North West Mounted Police and RCMP
This page provides resources for researching people who served in the:
- North West Mounted Police (NWMP)
- Royal North West Mounted Police (RNWMP)
- Royal Canadian Mounted Police (RCMP)
On this page
A brief timeline
- In 1873, the federal government created the North-West Mounted Police to assert and enforce Canadian sovereignty. Their jurisdiction was in the North-West Territories (present-day Alberta and Saskatchewan).
Its jurisdiction expanded in:
- 1895 to include Yukon
- 1903 to include the Arctic coast
- 1912 to include northern Manitoba
- In 1904, the name was changed to the Royal North-West Mounted Police
- In 1920, the Royal North-West Mounted Police absorbed the Dominion Police and became the Royal Canadian Mounted Police.
Before you start
Gather information such as:
- approximate year and place of birth
- approximate years of service
Places to look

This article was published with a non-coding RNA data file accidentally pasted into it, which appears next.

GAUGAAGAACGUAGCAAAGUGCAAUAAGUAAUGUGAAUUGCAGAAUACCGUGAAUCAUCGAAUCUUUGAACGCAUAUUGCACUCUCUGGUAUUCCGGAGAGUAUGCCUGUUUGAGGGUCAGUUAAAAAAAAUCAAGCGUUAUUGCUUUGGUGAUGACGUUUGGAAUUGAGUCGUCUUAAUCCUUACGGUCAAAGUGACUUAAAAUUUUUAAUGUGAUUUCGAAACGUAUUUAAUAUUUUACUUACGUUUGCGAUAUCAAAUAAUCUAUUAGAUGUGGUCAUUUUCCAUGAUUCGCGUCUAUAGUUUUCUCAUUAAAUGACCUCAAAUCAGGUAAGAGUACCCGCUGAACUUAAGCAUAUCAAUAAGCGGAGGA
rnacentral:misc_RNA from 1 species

Here are the main sources for research.
1. Personnel files
Personnel files are also called service files. They contain information about enlistment, service and discharge. Where you find these records depends on when the person was discharged.
Files from 1873 to 1904
These files are at Library and Archives Canada (LAC). Microfiche copies of the files are digitized. You can search them by name in our North West Mounted Police (NWMP) - Personnel Records, 1873-1904 database.
In most cases, these are the files for members discharged in 1904 or earlier.
Files from 1904 to 1920
We hold a small number of files for members discharged between June 1904 and 1920. The force only kept officers’ files and files considered historically significant. For example, files for members who died while still in service or who enlisted in the military in the World Wars. These records are not digitized.
For some files, only a summary of service was kept, not the complete file.
Files from 1920 and later
The RCMP holds service files for members discharged from early 1920 and later. Find out how to submit a request on the RCMP’s Genealogy and archival research page.
If you're a retired member and need copies of your own records, you can submit a Privacy request to the RCMP Access to Information and Privacy Branch.
2. Royal Canadian Mounted Police fonds
You can search some records in RG18 by name.
These four series contain files on individual members:
- Prince Albert Discharge Board, 1882-1902